marriage fighting

Stop Having the Same Argument Over and Over and Over and...

Stop Arguing With Your Partner

I wrote a post a couple weeks ago about cyclical arguments in relationships and have gotten so many great responses I wanted to talk about it a little more. I know these repetitive conflicts in relationships are some of the most frustrating.  

Maybe this has happened to you:

You can feel like you've said the same thing a hundred times and you're just not feeling heard. Meanwhile, your partner looks exasperated and seems to be bringing up the same points, issues, or topics you've heard before.  

No matter what you try in conversation it feels like you end without resolution.  

That's what a cyclical conflict feels like. Super stuck. Often ugly. And because they're rarely resolved they often lead to piles of resentment and distance.  

When I last mentioned Dr Susan Johnson I outlined her key questions to help couples get underneath the surface of these stuck conversations.  Today I want to outline three of the kinds of conflicts most couples experience to help you identify when your own cyclical conflicts come up.  

1.  Find the Bad Guy

So many great couples get stuck in a blame game that doesn't lead anywhere but stagnant hurt feelings.  When this shows up I hear couples use language of right or wrong, always and never, and good or bad when talking about each other's behaviors.  When we define our partner as somehow defective (uncaring, unwilling, etc) everyone loses.  

If you notice yourself stuck in blame, try moving to personal accountability.  However small each of us plays a role in every conflict we enter.  Notice if there is anything you could do different, or you might need to be held accountable for.  Take the high road and acknowledge your own behavior if you're stuck focusing on the behavior of another.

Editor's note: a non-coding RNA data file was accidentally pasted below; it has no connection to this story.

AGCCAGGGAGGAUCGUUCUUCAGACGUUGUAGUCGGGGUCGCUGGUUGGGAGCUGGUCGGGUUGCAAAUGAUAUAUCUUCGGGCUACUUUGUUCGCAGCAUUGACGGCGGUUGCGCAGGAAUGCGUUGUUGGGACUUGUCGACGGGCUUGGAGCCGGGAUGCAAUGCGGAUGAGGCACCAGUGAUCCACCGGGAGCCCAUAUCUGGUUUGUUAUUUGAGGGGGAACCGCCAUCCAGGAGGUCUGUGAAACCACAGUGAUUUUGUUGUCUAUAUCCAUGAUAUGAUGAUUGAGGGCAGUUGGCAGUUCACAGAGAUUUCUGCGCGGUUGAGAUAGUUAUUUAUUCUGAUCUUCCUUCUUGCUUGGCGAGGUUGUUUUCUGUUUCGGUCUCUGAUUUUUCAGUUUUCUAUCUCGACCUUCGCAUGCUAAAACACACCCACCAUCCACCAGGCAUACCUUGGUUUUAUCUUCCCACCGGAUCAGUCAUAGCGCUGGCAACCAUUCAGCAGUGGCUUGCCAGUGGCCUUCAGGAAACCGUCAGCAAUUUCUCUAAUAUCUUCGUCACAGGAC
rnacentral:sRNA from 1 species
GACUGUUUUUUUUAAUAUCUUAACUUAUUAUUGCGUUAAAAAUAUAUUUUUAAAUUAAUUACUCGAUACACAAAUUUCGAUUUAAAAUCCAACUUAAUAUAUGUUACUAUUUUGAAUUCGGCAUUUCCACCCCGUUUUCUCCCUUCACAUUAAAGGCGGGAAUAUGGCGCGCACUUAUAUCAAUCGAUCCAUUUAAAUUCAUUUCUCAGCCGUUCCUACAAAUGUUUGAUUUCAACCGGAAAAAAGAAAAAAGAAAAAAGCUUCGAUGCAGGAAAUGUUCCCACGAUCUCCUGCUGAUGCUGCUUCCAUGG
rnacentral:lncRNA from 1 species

2.  Protest Polka

A lot of couples counselors and relationship researchers have written about an attack-withdraw dance in couples (that often leads to divorce).  It's like two same-sided magnets that chase each other across a table.  The more one chases, the more the other withdraws.  

In these cases the partner demanding attention is really after connection, and the withdrawing partner is avoiding what seems like criticism.  Over time couples in this kind of conflict can feel hopeless and build even greater distance from each other.  

The first step to changing this pattern is noticing you are in it.  Most folks (especially the distancing partner) have a hard time noticing it because it can be incredibly subtle.  Start by writing out your pattern using the outline below.  

The more I ___ the more you __ and then the more I ___,

3.  Freeze and Flee

This kind of conflict can seem the most difficult of all.  It might look like a standstill or a standoff without a lot of connection or communication between partners.  It's usually a space where both of you feel hurt and hopeless.  

If you find yourself in a freeze and flee pattern it's a good time to call a professional to support you and your partner in reconnecting.  It might feel like you've tried everything you can on your own, and having a consultant halp you out with their expertise is a great step to trysomething different with support.  If you'd like to talk with me about helping you break out of the freeze set up a consultation here.  

None of these conflicts are un-resolvable, but each pattern takes care and awareness to change.  I hope this article can help you begin the change you'd like to see in your own relationship.


Sex Counselor Portland Relationship Therapist

Gina Senarighi, MS, MA, CPC is a sex educator and relationship coach specializing in polyamory, open relationships, jealousy, LGBTQ issues and infidelity.  

She can help you:

  • rediscover passion in long-term relationships
  • repair trust after infidelity or dishonesty
  • move past jealousy, insecurity or codependent patterns
  • open your relationship or practice polyamory with care
  • resolve sexual dysfunction and disconnect
  • break unhealthy communication patterns in your relationship

Contact her for a free consultation to see if working with her is right for you.

Click here to download her free guides to strengthen your relationship (monogamous or not).

How to Get Over an Argument With Someone You Love

All of us face challenges in relationships.  No matter how beautiful the relationship, disagreement is an unavoidable part of loving another human.  

As a therapist I see clients every day who have lost family members and lovers to conflict.  So many of us can't figure out how to move past a fight.

One of the best books on forgiveness and reconciliation is Laura Davis' "I Thought We'd Never Speak Again"  I've read it and recommended it to clients and readers in difficult places more times than I can count.